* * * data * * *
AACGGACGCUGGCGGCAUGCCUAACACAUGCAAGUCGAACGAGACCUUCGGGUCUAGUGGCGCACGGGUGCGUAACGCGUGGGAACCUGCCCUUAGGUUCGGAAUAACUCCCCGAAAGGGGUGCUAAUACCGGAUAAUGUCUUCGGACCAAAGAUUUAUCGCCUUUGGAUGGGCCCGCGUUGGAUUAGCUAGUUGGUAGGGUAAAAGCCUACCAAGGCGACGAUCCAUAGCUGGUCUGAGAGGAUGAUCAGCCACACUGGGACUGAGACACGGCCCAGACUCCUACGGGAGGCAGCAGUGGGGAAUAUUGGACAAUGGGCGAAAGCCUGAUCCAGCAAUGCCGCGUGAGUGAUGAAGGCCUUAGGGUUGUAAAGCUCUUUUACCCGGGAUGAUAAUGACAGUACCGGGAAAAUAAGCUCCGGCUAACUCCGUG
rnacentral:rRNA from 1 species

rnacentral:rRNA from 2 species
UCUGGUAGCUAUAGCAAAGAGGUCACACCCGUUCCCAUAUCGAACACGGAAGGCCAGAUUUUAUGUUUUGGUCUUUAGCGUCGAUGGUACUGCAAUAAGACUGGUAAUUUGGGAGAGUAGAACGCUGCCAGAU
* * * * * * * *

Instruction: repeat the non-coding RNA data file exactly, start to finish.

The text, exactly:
AACGGACGCUGGCGGCAUGCCUAACACAUGCAAGUCGAACGAGACCUUCGGGUCUAGUGGCGCACGGGUGCGUAACGCGUGGGAACCUGCCCUUAGGUUCGGAAUAACUCCCCGAAAGGGGUGCUAAUACCGGAUAAUGUCUUCGGACCAAAGAUUUAUCGCCUUUGGAUGGGCCCGCGUUGGAUUAGCUAGUUGGUAGGGUAAAAGCCUACCAAGGCGACGAUCCAUAGCUGGUCUGAGAGGAUGAUCAGCCACACUGGGACUGAGACACGGCCCAGACUCCUACGGGAGGCAGCAGUGGGGAAUAUUGGACAAUGGGCGAAAGCCUGAUCCAGCAAUGCCGCGUGAGUGAUGAAGGCCUUAGGGUUGUAAAGCUCUUUUACCCGGGAUGAUAAUGACAGUACCGGGAAAAUAAGCUCCGGCUAACUCCGUG
rnacentral:rRNA from 1 species

rnacentral:rRNA from 2 species
UCUGGUAGCUAUAGCAAAGAGGUCACACCCGUUCCCAUAUCGAACACGGAAGGCCAGAUUUUAUGUUUUGGUCUUUAGCGUCGAUGGUACUGCAAUAAGACUGGUAAUUUGGGAGAGUAGAACGCUGCCAGAU